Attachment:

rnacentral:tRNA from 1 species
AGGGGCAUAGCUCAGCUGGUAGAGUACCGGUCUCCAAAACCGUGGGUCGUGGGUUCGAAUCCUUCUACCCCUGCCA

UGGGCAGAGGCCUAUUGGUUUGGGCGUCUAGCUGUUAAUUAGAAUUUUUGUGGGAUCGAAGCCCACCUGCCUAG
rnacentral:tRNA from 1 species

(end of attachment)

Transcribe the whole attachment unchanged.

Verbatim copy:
rnacentral:tRNA from 1 species
AGGGGCAUAGCUCAGCUGGUAGAGUACCGGUCUCCAAAACCGUGGGUCGUGGGUUCGAAUCCUUCUACCCCUGCCA

UGGGCAGAGGCCUAUUGGUUUGGGCGUCUAGCUGUUAAUUAGAAUUUUUGUGGGAUCGAAGCCCACCUGCCUAG
rnacentral:tRNA from 1 species